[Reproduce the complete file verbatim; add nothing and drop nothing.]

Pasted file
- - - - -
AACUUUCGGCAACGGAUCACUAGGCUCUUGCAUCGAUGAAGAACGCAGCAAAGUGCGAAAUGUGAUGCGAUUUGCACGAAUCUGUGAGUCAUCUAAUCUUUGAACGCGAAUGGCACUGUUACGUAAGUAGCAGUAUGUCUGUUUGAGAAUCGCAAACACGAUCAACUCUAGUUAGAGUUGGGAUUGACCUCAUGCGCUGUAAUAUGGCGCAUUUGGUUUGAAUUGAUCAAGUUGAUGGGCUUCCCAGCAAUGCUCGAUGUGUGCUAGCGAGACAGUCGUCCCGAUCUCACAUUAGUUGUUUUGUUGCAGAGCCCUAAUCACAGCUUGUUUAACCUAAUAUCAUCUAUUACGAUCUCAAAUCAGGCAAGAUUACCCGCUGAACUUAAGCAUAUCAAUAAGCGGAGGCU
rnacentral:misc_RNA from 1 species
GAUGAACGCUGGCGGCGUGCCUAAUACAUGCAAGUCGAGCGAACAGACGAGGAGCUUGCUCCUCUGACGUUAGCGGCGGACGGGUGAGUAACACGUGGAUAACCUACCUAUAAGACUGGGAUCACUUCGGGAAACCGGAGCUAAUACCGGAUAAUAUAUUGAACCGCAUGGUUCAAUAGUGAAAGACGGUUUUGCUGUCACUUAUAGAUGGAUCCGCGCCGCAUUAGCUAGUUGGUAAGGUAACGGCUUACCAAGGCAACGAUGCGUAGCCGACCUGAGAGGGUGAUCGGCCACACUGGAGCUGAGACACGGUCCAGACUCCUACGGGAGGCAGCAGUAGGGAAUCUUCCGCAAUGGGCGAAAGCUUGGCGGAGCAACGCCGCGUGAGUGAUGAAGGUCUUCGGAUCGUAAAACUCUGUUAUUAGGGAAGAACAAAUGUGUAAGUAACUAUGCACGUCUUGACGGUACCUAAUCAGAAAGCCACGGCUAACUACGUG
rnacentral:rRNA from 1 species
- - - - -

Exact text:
AACUUUCGGCAACGGAUCACUAGGCUCUUGCAUCGAUGAAGAACGCAGCAAAGUGCGAAAUGUGAUGCGAUUUGCACGAAUCUGUGAGUCAUCUAAUCUUUGAACGCGAAUGGCACUGUUACGUAAGUAGCAGUAUGUCUGUUUGAGAAUCGCAAACACGAUCAACUCUAGUUAGAGUUGGGAUUGACCUCAUGCGCUGUAAUAUGGCGCAUUUGGUUUGAAUUGAUCAAGUUGAUGGGCUUCCCAGCAAUGCUCGAUGUGUGCUAGCGAGACAGUCGUCCCGAUCUCACAUUAGUUGUUUUGUUGCAGAGCCCUAAUCACAGCUUGUUUAACCUAAUAUCAUCUAUUACGAUCUCAAAUCAGGCAAGAUUACCCGCUGAACUUAAGCAUAUCAAUAAGCGGAGGCU
rnacentral:misc_RNA from 1 species
GAUGAACGCUGGCGGCGUGCCUAAUACAUGCAAGUCGAGCGAACAGACGAGGAGCUUGCUCCUCUGACGUUAGCGGCGGACGGGUGAGUAACACGUGGAUAACCUACCUAUAAGACUGGGAUCACUUCGGGAAACCGGAGCUAAUACCGGAUAAUAUAUUGAACCGCAUGGUUCAAUAGUGAAAGACGGUUUUGCUGUCACUUAUAGAUGGAUCCGCGCCGCAUUAGCUAGUUGGUAAGGUAACGGCUUACCAAGGCAACGAUGCGUAGCCGACCUGAGAGGGUGAUCGGCCACACUGGAGCUGAGACACGGUCCAGACUCCUACGGGAGGCAGCAGUAGGGAAUCUUCCGCAAUGGGCGAAAGCUUGGCGGAGCAACGCCGCGUGAGUGAUGAAGGUCUUCGGAUCGUAAAACUCUGUUAUUAGGGAAGAACAAAUGUGUAAGUAACUAUGCACGUCUUGACGGUACCUAAUCAGAAAGCCACGGCUAACUACGUG
rnacentral:rRNA from 1 species